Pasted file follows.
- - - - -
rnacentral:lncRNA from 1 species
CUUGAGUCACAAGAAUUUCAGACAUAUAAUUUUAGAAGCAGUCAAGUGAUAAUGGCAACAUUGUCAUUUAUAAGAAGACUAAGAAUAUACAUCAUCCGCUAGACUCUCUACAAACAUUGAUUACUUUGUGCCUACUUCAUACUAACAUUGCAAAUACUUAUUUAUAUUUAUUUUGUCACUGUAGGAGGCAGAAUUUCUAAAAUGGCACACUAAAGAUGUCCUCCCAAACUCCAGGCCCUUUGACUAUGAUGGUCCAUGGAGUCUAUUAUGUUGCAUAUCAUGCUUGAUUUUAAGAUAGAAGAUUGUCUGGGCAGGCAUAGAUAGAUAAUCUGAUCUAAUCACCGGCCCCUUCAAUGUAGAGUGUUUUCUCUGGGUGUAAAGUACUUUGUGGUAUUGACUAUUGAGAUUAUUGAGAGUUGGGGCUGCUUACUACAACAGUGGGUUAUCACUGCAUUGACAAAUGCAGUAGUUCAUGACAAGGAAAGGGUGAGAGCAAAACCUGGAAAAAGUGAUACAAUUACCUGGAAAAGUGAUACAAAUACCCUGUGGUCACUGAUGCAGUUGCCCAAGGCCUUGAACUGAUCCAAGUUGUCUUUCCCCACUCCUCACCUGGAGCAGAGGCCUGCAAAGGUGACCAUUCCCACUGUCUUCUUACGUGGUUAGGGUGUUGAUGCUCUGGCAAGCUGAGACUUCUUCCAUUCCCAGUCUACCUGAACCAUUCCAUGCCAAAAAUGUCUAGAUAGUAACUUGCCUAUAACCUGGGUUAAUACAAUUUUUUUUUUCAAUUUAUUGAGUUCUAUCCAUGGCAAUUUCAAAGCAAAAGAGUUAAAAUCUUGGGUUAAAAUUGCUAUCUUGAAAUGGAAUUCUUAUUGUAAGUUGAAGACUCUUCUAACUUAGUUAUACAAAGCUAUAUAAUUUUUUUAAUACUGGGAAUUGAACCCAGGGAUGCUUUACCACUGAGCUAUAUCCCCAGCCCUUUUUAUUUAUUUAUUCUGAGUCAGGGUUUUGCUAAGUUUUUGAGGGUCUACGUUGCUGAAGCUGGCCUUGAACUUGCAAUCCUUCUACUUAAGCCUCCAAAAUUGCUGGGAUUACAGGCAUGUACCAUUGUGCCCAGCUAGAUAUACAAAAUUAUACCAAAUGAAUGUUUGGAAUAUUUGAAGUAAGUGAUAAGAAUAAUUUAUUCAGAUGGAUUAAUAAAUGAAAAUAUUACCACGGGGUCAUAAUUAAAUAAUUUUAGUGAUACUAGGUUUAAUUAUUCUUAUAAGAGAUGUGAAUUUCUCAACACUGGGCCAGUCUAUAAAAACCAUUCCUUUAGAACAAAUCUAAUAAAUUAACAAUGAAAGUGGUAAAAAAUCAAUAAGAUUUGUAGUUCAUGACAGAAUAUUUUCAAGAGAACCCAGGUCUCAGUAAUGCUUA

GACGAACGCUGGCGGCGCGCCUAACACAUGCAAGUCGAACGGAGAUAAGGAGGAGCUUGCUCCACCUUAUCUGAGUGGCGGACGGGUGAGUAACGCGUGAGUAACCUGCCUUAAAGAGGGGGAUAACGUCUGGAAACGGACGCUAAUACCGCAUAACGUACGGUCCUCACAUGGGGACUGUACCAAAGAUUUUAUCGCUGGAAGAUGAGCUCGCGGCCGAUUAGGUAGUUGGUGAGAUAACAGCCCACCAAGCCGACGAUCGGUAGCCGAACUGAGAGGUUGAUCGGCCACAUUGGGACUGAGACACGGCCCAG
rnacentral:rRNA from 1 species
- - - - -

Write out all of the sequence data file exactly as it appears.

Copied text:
rnacentral:lncRNA from 1 species
CUUGAGUCACAAGAAUUUCAGACAUAUAAUUUUAGAAGCAGUCAAGUGAUAAUGGCAACAUUGUCAUUUAUAAGAAGACUAAGAAUAUACAUCAUCCGCUAGACUCUCUACAAACAUUGAUUACUUUGUGCCUACUUCAUACUAACAUUGCAAAUACUUAUUUAUAUUUAUUUUGUCACUGUAGGAGGCAGAAUUUCUAAAAUGGCACACUAAAGAUGUCCUCCCAAACUCCAGGCCCUUUGACUAUGAUGGUCCAUGGAGUCUAUUAUGUUGCAUAUCAUGCUUGAUUUUAAGAUAGAAGAUUGUCUGGGCAGGCAUAGAUAGAUAAUCUGAUCUAAUCACCGGCCCCUUCAAUGUAGAGUGUUUUCUCUGGGUGUAAAGUACUUUGUGGUAUUGACUAUUGAGAUUAUUGAGAGUUGGGGCUGCUUACUACAACAGUGGGUUAUCACUGCAUUGACAAAUGCAGUAGUUCAUGACAAGGAAAGGGUGAGAGCAAAACCUGGAAAAAGUGAUACAAUUACCUGGAAAAGUGAUACAAAUACCCUGUGGUCACUGAUGCAGUUGCCCAAGGCCUUGAACUGAUCCAAGUUGUCUUUCCCCACUCCUCACCUGGAGCAGAGGCCUGCAAAGGUGACCAUUCCCACUGUCUUCUUACGUGGUUAGGGUGUUGAUGCUCUGGCAAGCUGAGACUUCUUCCAUUCCCAGUCUACCUGAACCAUUCCAUGCCAAAAAUGUCUAGAUAGUAACUUGCCUAUAACCUGGGUUAAUACAAUUUUUUUUUUCAAUUUAUUGAGUUCUAUCCAUGGCAAUUUCAAAGCAAAAGAGUUAAAAUCUUGGGUUAAAAUUGCUAUCUUGAAAUGGAAUUCUUAUUGUAAGUUGAAGACUCUUCUAACUUAGUUAUACAAAGCUAUAUAAUUUUUUUAAUACUGGGAAUUGAACCCAGGGAUGCUUUACCACUGAGCUAUAUCCCCAGCCCUUUUUAUUUAUUUAUUCUGAGUCAGGGUUUUGCUAAGUUUUUGAGGGUCUACGUUGCUGAAGCUGGCCUUGAACUUGCAAUCCUUCUACUUAAGCCUCCAAAAUUGCUGGGAUUACAGGCAUGUACCAUUGUGCCCAGCUAGAUAUACAAAAUUAUACCAAAUGAAUGUUUGGAAUAUUUGAAGUAAGUGAUAAGAAUAAUUUAUUCAGAUGGAUUAAUAAAUGAAAAUAUUACCACGGGGUCAUAAUUAAAUAAUUUUAGUGAUACUAGGUUUAAUUAUUCUUAUAAGAGAUGUGAAUUUCUCAACACUGGGCCAGUCUAUAAAAACCAUUCCUUUAGAACAAAUCUAAUAAAUUAACAAUGAAAGUGGUAAAAAAUCAAUAAGAUUUGUAGUUCAUGACAGAAUAUUUUCAAGAGAACCCAGGUCUCAGUAAUGCUUA

GACGAACGCUGGCGGCGCGCCUAACACAUGCAAGUCGAACGGAGAUAAGGAGGAGCUUGCUCCACCUUAUCUGAGUGGCGGACGGGUGAGUAACGCGUGAGUAACCUGCCUUAAAGAGGGGGAUAACGUCUGGAAACGGACGCUAAUACCGCAUAACGUACGGUCCUCACAUGGGGACUGUACCAAAGAUUUUAUCGCUGGAAGAUGAGCUCGCGGCCGAUUAGGUAGUUGGUGAGAUAACAGCCCACCAAGCCGACGAUCGGUAGCCGAACUGAGAGGUUGAUCGGCCACAUUGGGACUGAGACACGGCCCAG
rnacentral:rRNA from 1 species